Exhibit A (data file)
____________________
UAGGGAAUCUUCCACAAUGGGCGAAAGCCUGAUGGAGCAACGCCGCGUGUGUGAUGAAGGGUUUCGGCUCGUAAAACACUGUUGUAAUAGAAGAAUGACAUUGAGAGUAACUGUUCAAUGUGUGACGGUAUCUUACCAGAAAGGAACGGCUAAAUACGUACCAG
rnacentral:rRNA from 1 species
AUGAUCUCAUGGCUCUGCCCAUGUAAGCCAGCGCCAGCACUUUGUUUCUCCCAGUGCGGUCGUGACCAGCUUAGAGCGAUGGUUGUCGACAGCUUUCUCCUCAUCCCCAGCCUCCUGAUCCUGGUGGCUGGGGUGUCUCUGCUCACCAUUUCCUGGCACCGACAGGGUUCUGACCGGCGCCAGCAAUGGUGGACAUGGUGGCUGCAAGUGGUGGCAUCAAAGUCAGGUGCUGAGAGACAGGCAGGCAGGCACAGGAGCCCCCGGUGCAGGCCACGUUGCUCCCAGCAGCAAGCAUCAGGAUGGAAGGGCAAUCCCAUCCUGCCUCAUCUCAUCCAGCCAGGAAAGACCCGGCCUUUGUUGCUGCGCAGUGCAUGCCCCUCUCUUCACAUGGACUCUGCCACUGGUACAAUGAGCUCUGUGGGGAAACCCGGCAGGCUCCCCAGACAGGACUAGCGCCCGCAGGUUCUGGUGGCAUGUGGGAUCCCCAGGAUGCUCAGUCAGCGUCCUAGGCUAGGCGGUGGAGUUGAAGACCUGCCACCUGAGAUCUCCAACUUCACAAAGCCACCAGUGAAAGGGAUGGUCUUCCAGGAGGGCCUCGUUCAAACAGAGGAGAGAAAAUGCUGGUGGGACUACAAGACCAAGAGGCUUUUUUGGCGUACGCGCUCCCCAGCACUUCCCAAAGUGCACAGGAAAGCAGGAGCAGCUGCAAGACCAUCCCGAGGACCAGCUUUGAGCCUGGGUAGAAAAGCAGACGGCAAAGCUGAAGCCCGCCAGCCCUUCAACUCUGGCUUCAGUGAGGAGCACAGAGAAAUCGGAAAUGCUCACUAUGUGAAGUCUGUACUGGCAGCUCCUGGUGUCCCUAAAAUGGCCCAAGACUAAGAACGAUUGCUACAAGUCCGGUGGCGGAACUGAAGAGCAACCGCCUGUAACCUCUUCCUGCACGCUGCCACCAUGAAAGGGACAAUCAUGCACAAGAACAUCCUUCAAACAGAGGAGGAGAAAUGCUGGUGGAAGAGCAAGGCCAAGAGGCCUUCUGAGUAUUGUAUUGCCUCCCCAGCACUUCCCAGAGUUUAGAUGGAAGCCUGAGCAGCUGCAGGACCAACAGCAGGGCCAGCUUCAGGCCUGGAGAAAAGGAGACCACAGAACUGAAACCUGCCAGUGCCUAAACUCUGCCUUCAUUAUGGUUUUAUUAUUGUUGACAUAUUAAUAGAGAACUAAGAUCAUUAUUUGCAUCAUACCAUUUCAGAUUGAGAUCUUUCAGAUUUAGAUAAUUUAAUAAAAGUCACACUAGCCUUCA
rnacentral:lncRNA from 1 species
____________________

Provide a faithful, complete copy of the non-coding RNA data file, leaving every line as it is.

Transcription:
UAGGGAAUCUUCCACAAUGGGCGAAAGCCUGAUGGAGCAACGCCGCGUGUGUGAUGAAGGGUUUCGGCUCGUAAAACACUGUUGUAAUAGAAGAAUGACAUUGAGAGUAACUGUUCAAUGUGUGACGGUAUCUUACCAGAAAGGAACGGCUAAAUACGUACCAG
rnacentral:rRNA from 1 species
AUGAUCUCAUGGCUCUGCCCAUGUAAGCCAGCGCCAGCACUUUGUUUCUCCCAGUGCGGUCGUGACCAGCUUAGAGCGAUGGUUGUCGACAGCUUUCUCCUCAUCCCCAGCCUCCUGAUCCUGGUGGCUGGGGUGUCUCUGCUCACCAUUUCCUGGCACCGACAGGGUUCUGACCGGCGCCAGCAAUGGUGGACAUGGUGGCUGCAAGUGGUGGCAUCAAAGUCAGGUGCUGAGAGACAGGCAGGCAGGCACAGGAGCCCCCGGUGCAGGCCACGUUGCUCCCAGCAGCAAGCAUCAGGAUGGAAGGGCAAUCCCAUCCUGCCUCAUCUCAUCCAGCCAGGAAAGACCCGGCCUUUGUUGCUGCGCAGUGCAUGCCCCUCUCUUCACAUGGACUCUGCCACUGGUACAAUGAGCUCUGUGGGGAAACCCGGCAGGCUCCCCAGACAGGACUAGCGCCCGCAGGUUCUGGUGGCAUGUGGGAUCCCCAGGAUGCUCAGUCAGCGUCCUAGGCUAGGCGGUGGAGUUGAAGACCUGCCACCUGAGAUCUCCAACUUCACAAAGCCACCAGUGAAAGGGAUGGUCUUCCAGGAGGGCCUCGUUCAAACAGAGGAGAGAAAAUGCUGGUGGGACUACAAGACCAAGAGGCUUUUUUGGCGUACGCGCUCCCCAGCACUUCCCAAAGUGCACAGGAAAGCAGGAGCAGCUGCAAGACCAUCCCGAGGACCAGCUUUGAGCCUGGGUAGAAAAGCAGACGGCAAAGCUGAAGCCCGCCAGCCCUUCAACUCUGGCUUCAGUGAGGAGCACAGAGAAAUCGGAAAUGCUCACUAUGUGAAGUCUGUACUGGCAGCUCCUGGUGUCCCUAAAAUGGCCCAAGACUAAGAACGAUUGCUACAAGUCCGGUGGCGGAACUGAAGAGCAACCGCCUGUAACCUCUUCCUGCACGCUGCCACCAUGAAAGGGACAAUCAUGCACAAGAACAUCCUUCAAACAGAGGAGGAGAAAUGCUGGUGGAAGAGCAAGGCCAAGAGGCCUUCUGAGUAUUGUAUUGCCUCCCCAGCACUUCCCAGAGUUUAGAUGGAAGCCUGAGCAGCUGCAGGACCAACAGCAGGGCCAGCUUCAGGCCUGGAGAAAAGGAGACCACAGAACUGAAACCUGCCAGUGCCUAAACUCUGCCUUCAUUAUGGUUUUAUUAUUGUUGACAUAUUAAUAGAGAACUAAGAUCAUUAUUUGCAUCAUACCAUUUCAGAUUGAGAUCUUUCAGAUUUAGAUAAUUUAAUAAAAGUCACACUAGCCUUCA
rnacentral:lncRNA from 1 species